Ultimately, the structure and functioning of marine ecosystems is defined by the transfer of autotrophic production to higher trophic levels and selective consumption of these autotrophs by predators. Hence, feeding regulation via modification of grazing and food incorporation by predators is critical for understanding and predicting the dynamics of ecosystems. In marine ecosystem and biogeochemical models, feeding regulation by consumers is assumed to be mainly dictated by food quality (Q), which is determined using food quality modules (FQMs) that mimic a consumers' ability to anticipate fitness consequences for feeding on specific prey items. Current FQMs are based on frameworks that a priori identify specific food components, usually nitrogen (N), and/or phosphorus, as limiting. This negates the importance of consumer physiology, and ignores biochemical constrains on the limiting role of chemical elements in animal production. To help address these problems, we propose a new adaptive approach that bases Q on consumers' capacity for food uptake and metabolic physiology. Uniquely, it (i) has separate pathways for the utilisation of carbon (C) associated with proteins, lipids and carbohydrates, (ii) considers stage-specific structural biochemical requirement of animals, and (iii) does not treat consumers' structural demand for carbon as a " unitary requirement" but discriminates among the required biochemical forms of carbon. The approach is applicable to all heterotrophs. In the example given here the model has been configured to represent the calanoid copepod Acartia tonsa. Consistent with experimental observation, but unlike previous models, our model predicts the relationship between Q and food C:N to be unimodal with a maximum Q only at the threshold C:N for biomass production. Results suggest that prey C:N ratios may be irrelevant for food quality due to macromolecular biochemical constrains on the utilisation of chemical elements. This result emphasizes the importance of biochemical substances in animal nutrition and production as well as the necessity of developing food quality models able to adapt to the biochemical needs of the consumer. © 2011 Elsevier B.V. Source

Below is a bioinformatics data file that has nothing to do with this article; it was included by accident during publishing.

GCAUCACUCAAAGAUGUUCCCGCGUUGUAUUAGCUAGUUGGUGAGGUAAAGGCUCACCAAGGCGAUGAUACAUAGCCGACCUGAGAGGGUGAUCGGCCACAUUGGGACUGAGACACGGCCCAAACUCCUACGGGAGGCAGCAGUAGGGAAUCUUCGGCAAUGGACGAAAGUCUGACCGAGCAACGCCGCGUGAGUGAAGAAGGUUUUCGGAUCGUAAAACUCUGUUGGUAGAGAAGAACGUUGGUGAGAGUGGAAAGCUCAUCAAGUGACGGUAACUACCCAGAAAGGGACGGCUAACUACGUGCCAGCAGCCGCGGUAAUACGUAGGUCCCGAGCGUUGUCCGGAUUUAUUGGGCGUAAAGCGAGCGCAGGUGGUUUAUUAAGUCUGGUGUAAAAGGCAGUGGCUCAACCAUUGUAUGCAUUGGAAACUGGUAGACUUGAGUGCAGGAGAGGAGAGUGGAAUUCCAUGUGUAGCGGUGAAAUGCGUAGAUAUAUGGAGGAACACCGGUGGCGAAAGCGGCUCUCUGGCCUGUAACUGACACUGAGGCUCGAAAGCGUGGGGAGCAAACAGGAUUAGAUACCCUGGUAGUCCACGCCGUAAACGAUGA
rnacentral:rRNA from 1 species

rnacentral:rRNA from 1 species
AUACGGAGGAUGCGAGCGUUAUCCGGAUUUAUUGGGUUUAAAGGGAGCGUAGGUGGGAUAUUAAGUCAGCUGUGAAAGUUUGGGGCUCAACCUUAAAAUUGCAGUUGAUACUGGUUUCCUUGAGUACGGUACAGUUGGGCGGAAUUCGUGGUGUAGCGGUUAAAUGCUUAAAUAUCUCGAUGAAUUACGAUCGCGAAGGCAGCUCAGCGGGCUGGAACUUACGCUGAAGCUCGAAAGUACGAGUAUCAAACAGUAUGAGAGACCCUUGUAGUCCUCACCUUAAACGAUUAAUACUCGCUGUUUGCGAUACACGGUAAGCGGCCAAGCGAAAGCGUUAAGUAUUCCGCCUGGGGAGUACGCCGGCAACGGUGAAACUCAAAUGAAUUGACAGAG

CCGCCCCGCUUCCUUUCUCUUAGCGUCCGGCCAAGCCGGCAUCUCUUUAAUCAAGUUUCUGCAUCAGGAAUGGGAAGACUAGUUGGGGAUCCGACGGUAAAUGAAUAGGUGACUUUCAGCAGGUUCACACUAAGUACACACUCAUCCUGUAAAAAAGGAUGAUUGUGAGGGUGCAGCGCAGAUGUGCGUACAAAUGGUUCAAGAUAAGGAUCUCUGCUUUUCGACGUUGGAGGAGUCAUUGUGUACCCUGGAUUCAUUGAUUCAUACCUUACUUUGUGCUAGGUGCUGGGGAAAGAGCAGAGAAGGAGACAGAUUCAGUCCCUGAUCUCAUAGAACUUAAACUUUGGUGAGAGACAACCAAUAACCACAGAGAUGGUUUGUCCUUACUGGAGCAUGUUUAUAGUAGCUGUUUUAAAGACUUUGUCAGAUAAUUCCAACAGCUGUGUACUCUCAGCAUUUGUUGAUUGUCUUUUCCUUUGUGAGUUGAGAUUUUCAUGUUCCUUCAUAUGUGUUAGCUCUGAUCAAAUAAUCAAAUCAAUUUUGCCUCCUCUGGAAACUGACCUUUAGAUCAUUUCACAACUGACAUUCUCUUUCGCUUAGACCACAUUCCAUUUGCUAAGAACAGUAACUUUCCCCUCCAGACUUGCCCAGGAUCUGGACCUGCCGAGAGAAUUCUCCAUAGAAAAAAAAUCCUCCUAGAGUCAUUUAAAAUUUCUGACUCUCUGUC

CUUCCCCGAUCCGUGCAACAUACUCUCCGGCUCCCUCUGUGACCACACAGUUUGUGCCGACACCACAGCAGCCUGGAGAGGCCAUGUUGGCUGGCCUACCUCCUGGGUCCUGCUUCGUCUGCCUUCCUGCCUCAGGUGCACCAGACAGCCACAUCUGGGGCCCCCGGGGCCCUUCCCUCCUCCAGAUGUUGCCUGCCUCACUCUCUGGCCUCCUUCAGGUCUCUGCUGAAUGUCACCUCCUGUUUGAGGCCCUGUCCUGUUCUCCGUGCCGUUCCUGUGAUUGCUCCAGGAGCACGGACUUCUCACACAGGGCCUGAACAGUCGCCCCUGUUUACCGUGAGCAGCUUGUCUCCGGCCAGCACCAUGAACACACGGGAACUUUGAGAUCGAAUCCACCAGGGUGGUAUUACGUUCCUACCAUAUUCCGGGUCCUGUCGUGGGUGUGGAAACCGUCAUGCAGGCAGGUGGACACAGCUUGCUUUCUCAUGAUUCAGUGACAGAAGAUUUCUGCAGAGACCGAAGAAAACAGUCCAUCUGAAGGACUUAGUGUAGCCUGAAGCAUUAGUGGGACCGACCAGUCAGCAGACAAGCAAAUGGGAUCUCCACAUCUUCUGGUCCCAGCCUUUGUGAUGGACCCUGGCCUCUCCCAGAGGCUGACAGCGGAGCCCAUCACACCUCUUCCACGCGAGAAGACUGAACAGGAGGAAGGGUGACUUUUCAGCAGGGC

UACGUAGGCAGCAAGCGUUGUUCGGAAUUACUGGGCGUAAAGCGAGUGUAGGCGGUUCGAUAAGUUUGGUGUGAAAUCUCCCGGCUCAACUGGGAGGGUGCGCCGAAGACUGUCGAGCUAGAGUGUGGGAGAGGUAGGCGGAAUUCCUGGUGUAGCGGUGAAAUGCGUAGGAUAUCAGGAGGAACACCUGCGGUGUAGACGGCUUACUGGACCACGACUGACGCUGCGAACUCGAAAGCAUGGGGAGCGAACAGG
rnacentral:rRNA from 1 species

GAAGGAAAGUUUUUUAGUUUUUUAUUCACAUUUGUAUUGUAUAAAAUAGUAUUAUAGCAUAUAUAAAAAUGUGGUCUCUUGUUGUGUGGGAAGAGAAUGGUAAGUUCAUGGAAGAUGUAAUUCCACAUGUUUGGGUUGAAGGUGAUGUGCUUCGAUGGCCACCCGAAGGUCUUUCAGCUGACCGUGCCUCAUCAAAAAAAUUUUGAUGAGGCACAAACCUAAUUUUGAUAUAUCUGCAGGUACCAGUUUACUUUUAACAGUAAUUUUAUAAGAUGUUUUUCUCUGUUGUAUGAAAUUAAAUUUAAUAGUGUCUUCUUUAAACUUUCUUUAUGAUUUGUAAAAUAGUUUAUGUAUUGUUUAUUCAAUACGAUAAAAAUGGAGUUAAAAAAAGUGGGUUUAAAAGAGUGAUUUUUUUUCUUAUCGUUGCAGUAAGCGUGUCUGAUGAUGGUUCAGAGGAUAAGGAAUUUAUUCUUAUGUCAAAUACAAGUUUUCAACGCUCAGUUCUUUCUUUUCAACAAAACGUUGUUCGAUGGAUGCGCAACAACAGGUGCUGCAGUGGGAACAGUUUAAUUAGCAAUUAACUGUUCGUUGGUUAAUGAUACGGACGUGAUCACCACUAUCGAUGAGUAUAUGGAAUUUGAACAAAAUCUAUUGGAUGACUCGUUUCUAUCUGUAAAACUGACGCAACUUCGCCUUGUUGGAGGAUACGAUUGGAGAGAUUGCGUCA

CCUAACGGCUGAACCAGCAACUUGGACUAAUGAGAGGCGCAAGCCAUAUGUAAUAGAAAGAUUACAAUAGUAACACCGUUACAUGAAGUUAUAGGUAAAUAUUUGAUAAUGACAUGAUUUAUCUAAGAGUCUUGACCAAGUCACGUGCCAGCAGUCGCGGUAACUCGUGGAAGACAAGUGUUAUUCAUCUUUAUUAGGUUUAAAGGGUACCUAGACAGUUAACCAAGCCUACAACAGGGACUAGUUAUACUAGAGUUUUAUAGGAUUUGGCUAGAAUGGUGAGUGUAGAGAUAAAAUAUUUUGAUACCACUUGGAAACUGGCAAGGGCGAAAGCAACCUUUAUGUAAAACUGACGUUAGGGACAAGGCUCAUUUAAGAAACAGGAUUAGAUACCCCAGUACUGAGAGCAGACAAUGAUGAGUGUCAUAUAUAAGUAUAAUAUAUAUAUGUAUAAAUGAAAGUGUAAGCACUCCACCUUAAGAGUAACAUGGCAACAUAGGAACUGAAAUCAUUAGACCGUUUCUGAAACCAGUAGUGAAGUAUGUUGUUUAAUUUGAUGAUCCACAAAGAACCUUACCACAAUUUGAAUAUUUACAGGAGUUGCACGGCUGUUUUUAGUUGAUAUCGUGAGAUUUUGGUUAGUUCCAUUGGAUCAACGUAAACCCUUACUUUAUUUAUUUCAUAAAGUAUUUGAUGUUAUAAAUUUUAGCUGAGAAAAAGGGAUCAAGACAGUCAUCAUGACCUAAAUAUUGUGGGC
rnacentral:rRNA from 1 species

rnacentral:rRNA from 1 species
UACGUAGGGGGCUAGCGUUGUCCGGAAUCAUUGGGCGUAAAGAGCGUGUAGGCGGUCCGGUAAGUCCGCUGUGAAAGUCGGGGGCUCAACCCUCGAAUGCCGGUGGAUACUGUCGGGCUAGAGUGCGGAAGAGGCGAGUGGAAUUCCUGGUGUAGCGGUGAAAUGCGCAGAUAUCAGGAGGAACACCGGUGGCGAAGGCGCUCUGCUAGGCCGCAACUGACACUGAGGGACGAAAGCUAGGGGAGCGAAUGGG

Acheampong E.,Institute For Hydrobiologie Und Fischereiwissenschaft | Campbell R.W.,Prince William Sound Science Center | Diekmann A.B.S.,Institute For Hydrobiologie Und Fischereiwissenschaft | John M.A.St.,Institute For Hydrobiologie Und Fischereiwissenschaft
Marine Ecology Progress Series | Year: 2011

Food availability has been linked to changes in the biochemical composition of zooplankton eggs. However, a number of species are capable of resource storage and are thereby able to use accumulated reserves for reproduction during periods of poor food conditions. Conversely, in species such as Acartia tonsa with limited storage capacities, there can be a strong dependence of egg composition on ambient food conditions. The aim of this study was to determine the effect of food availability on the carbohydrate, protein and fatty acid composition of A. tonsa females and their eggs after being fed with different concentrations of the cryptophyte Rhodomonas baltica. During the experiments, no significant differences in the biochemical composition of females were observed, although egg protein composition was higher in food-limited females. We propose that the production of protein-rich eggs by food-limited copepods is a reproductive strategy for ensuring the survival of offspring during poor feeding conditions. In terms of their relative biochemical makeup, there were no significant differences between both adults and eggs of A. tonsa and their prey R. baltica. However, these biochemical similarities did not influence egg production. Rather, higher biochemical similarities were observed between R. baltica and eggs when females were food limited. These findings suggest that food-limited females may moderate the cost of reproduction by producing eggs without much modification tothe substrates they ingest. © Inter-Research 2011. Source